On a recent trip to London I visited both Westminster Abbey and St Pauls Cathedral. One impressed me and the other didn’t so much. When I questioned myself how these buildings Architecture affected me so differently, I came to the conclusion that a lot of it had to do with each buildings approach.
Westminster Abbey was the venue that promised so much for me, but sadly didn’t live up to expectations. After watching the Royal wedding, seeing footage of Coronations etc, maybe I’d built it up too much, maybe the Royal graves and famous authors buried there detracted from the Architecture, but honestly, I think it was the entrance. Unfortunately sightseers are granted access from the North side entrance, not the primary West one. This means you enter and are immediately faced with what is arguably the pinnacle of the church, the Sanctuary. You then walk down the lengthly aisle, and turn finally onto the main nave, where you really should have entered initially. By this time, although you can finally see the abbey in all its height and splendour and see down through the choir into the sanctuary, you’ve become accustomed to the Gothic features and towering ceiling, the wow factor has worn off. Thankfully, the approach to the Lady chapel has remained unaltered and as you discover it at the end of the building, your spirits are restored by its dainty charm.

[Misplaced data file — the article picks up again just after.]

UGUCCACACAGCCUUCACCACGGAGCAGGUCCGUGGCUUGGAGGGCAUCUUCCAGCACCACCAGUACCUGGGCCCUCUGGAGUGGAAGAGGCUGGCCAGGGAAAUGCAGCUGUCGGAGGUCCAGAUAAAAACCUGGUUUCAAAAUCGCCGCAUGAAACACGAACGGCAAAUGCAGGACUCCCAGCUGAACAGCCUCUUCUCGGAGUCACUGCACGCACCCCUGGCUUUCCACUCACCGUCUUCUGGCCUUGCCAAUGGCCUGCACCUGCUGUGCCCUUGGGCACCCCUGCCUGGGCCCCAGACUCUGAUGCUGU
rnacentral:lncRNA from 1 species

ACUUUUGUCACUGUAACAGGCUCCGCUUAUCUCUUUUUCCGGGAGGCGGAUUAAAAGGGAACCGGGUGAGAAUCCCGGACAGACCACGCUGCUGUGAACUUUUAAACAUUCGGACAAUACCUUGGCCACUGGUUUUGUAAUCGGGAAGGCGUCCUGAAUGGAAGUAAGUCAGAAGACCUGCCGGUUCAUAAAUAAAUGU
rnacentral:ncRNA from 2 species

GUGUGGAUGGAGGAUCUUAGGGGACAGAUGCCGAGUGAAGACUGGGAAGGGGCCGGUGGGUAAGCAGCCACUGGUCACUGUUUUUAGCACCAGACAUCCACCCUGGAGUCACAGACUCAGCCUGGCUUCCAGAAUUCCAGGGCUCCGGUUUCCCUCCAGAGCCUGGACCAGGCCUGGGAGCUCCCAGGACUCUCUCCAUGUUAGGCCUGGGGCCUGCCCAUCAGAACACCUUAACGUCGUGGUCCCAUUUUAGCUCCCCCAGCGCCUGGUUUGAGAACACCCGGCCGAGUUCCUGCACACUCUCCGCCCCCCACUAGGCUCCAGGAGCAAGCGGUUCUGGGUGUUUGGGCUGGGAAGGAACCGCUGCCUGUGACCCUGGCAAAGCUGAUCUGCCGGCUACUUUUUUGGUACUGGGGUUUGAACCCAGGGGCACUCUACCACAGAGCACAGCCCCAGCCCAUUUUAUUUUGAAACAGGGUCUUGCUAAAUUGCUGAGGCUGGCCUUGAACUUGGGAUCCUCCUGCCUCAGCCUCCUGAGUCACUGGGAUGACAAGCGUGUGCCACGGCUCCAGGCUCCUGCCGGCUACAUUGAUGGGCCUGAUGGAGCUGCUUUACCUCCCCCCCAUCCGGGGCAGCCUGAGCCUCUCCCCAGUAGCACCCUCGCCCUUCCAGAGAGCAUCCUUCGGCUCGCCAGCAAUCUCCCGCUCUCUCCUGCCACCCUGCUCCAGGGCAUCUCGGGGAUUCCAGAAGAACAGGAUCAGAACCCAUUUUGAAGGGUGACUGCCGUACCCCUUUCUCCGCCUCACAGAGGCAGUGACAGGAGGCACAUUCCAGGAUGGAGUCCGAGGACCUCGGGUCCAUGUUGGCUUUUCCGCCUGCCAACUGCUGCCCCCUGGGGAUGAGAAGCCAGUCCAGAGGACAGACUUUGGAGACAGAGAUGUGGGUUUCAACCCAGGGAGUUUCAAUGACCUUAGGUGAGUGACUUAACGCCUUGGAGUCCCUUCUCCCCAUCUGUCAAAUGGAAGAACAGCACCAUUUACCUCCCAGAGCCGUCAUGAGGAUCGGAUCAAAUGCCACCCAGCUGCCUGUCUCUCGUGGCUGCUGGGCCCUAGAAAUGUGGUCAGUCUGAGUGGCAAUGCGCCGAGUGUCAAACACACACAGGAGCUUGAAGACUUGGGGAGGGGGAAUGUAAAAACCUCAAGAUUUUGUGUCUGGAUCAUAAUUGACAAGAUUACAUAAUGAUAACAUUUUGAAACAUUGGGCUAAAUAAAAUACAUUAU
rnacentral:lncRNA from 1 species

St Pauls however, ticked all my boxes. You enter from the West, up the steps of the Grand Entrance, and come to the ticket booth. I was fooled into thinking that what I could spy over the barriers was the main bulk of the church, and very nearly decided not to pay for full entry, but as soon as you cross the little red rope, you can feel a crescendo building as you promenade along the wide, almost excessively wide nave. Gradually the dome reveals itself to you. 365 feet of space, the amount of days in a year, is suspended above you, disorientating you, wittling you down to the size of a mere ant.
Entrances are designed for a reason. They immediately inform you of what you think of a space and building. They can build suspense, or create a longing to discover more. When the well thought out and designed entrance is disregarded, the building is askew, viewed all wrong, diminished unnecessarily. Both buildings were worth the money and amazing places to visit, but I can’t help but feel that Westminster Abbey was let down by someone simply forgetting that First Impressions Count.